I may stay a little longer and see how much farther they'll let me climb in this company. I did have 1 slight, very slight, chance of taking the chefs job when he was leaving but ended up being taken by a 30 year vet with 10 of those years in the company...so its not to say that there isn't much left for me here. I just don't know if I should chance it...

...a longevity vs expansion dilema going on here.
post #7 of 11
Thread Starter 

Getting hit really hard now!

OK so its been about a month since the new director started, some good changes did come in but my situation there remains with some new problems. Since we're now down 2 bodies in the kitchen (only 5 of us now), things are really starting to fall apart. People are leaving early for doctors apointments, gotta meet up with their spouse for one reason or another, or my personal favorite "oh poor me didn't get my full hour break so I'm taking off early!" despite having taken 2x 10min smoking breaks.

So things pile up really REALLY fast for the night staff, ie me and me alone. Take today for example, I covered everyones breaks and made sure we were keeping up with regular service, helped the delivery, setup, and pickup of a big hot food catering that was across a busy street with no crosswalks, helped prep for a big BBQ catering for Friday and Saturday (which I'll be pulling overtime for on both days because I'm not scheduled to work on either days). At the end of it, a pile of dishes that would have taken 3hours to do, a kitchen that looked like a bum had taken shelter in (and we got hit bad by the local santiation officer not 3 days ago), while still doing full service in the front and closing duties...all on an inventory day...this was my task for the day, and I'm only authorized 7hours for it all with a good 70% of it to be done by me alone.
And this isn't going to be the worst of it all. Chef is taking July off for vacation so I'm covering that end no problem, but ontop of him gone is our pizza lady who also does the salads and opens the cash in the mornings is gone for 2 weeks also during that month. Now the work of 10 people thats normally manned by 5 is now down to just 3 bodies and my manager isn't going to hire any backup!
I've put off going to the doctors for over a month now because I keep getting called into work on my days off. I'm running around so much under huge time constraints that my stress level skyrockets and my blood vessels in my nose explodes, 4x and counting since the start of the summer. We're sooooo understaffed to the ponit of being pathetic and we're not getting the support we need, I'd hate to just pick up and leave but considering whats been going on for the past month, I'm tempted to. I'm afraid that I might just collapse while delivering more hot food across that busy 4 lane all 1 way street.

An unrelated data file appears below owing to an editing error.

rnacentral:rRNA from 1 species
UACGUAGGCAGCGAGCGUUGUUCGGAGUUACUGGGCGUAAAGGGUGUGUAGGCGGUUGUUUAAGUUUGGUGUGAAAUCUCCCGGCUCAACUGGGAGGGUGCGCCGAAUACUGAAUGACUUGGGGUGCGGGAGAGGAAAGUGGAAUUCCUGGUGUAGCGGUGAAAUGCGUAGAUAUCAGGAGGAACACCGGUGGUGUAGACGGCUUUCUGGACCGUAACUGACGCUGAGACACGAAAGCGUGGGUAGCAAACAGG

post #8 of 11
Heh heh. :) You know what that means.
post #9 of 11
Thread Starter 
Well basically if people can't care that the place is a total pig-sty after getting audited by the sanitation dept then why in **** do I get stuck with it all? BTW, the doctor one is for real, the lady has shingles (sp?) around her eye but to the point, I can't afford to have people walkout early for whatever reason because I got no backup and 100% of whats left is dumped straight onto me. Even the chef noticed how people disregard doing basic stuff like throwing out empty boxes after using up its content..."Oh |insert my real name here| will take care of it"
It is partially my fault because I look around and see stuff that needs done and I just do it, regardless if its my job or not. But it ends up being my job when I do it consistantly like the full dish pit and mopping. The manager does nothing about it, I don't see OT being paid out to me, I don't see a raise coming...but I do see more responsibilities being added to my full load.

...ok time to leave.
post #10 of 11
He's (she's) in Canada, so the value of health benefits is greatly diminished.
$11/hr in T.O these days is insulting based on the experience this person has.

Hey Sous!
PM me, T.O is my home town (live in Fla now).....if you have talent, and I believe you do, I might be able to throw some opps your way, where you get treated like you should.

Of course, I'd need to get to know you a little better before I throw my credibility on the line

The Cat Man
post #11 of 11
Thread Starter 
Ya I'm a guy...Thanks Cat Man but I did plan ahead, pardon the pun.

I can actually line myself up at the Liberty Grand and a few other places, mostly out of town mind you but the Liberty is definatly my best bet. Some of the few of us GBC grads got jobs there so I won't be a total stranger.